Cooking in Milan

The cooking lesson from heaven

I took a cooking lesson while visiting Italy. The host Lydia created a serene welcoming, entertaining and informative environment. We walked into her apartment and she had appetizers, bruschetta and wine waiting. She worked around my crazy dietary restrictions to teach us how to produce a feast.

Bruschetta with tuna and Calabrian chilis

We found out later that the cheese pictured below was non-dairy. I could not tell the difference.

We started the lesson by learning tiramisu which was mixed in the machine pictured below. Lydia spoke Italian and some Spanish. I understood more than I thought I would. I couldn’t fully speak what I thought, but I was able to understand. We tried using Google translate, but my phone kept locking up. Lydia even introduced us to her man, Bimby. Who is Bimby? He is a personal robot chef. His cousin is known as Thermomix.

Bimby - also known as Thermomix

I liked to observe all the differences of Italian and American culture – down to the spices:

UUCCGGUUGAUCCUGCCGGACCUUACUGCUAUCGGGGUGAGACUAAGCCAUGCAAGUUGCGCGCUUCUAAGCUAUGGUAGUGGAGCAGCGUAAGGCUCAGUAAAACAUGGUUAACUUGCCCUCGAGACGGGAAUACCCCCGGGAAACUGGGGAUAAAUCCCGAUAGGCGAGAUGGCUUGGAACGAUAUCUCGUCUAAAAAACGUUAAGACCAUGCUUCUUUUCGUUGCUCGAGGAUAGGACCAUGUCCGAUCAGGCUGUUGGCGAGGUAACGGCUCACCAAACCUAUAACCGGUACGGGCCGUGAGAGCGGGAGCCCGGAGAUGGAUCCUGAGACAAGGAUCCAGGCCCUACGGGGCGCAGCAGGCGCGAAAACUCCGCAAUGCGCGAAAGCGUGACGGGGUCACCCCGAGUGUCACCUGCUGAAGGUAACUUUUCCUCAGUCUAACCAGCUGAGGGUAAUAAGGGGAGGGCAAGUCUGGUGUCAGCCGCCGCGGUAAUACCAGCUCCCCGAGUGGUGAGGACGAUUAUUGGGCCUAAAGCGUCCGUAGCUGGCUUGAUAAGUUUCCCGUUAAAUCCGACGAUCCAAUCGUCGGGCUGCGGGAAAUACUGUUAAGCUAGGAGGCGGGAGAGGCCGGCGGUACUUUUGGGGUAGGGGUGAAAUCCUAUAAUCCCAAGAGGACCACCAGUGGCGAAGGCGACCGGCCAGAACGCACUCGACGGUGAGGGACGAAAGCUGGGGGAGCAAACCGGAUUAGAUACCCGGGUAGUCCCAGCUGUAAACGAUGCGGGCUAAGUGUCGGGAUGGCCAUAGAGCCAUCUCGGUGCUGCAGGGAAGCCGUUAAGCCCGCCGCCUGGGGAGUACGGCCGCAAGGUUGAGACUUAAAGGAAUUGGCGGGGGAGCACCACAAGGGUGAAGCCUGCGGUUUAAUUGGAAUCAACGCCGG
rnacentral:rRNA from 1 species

Pepe Nero Black Italian pepper

We learned about Calabrian chilis and how to breadcrumb fish.

Breadcrumbs mixed with a tomato, Calabrian chilies and salvia
Pressing down the breadcrumbs on the fish

We smacked meat imagining it was our ex’s of the past.

Then we breadcrumbed it and ate it


After the hustle and bustle of the city, it was nice to just relax in a real environment. While the food in Italy is the best in the world, homemade Italian food is out of this world in another solar system. It was also interesting to see the differences and similarities in international cooking. For example, we used a Bimby which is a robot chef but also panko breadcrumbs.

Tiramisu finished

It was interesting to see the inside of a real person’s apartment – especially the kitchen. The food was phenomenal. Fresh, flavored and made with love. It was also interesting to learn the host’s story and how she had to pivot during COVID from a stylist to a chef.

The most poignant part of the night took place during sunset. The sky turned all colors of purple and orange and we mentioned our train/bus journey from Milan and she said, “This is Milan.” There was more to Milan than the Galleria and the Duomo.

Lydia sent us home with the leftover tiramisu. I left feeling like we had been to a relative’s house; great conversation, I learned something, amazing food, and goody bag. We opted for a cab home. As we drove through the darkened streets, I watched the graffiti whiz by, people convene at late night cafes, and saw new pockets of Milan open and close before my eyes.

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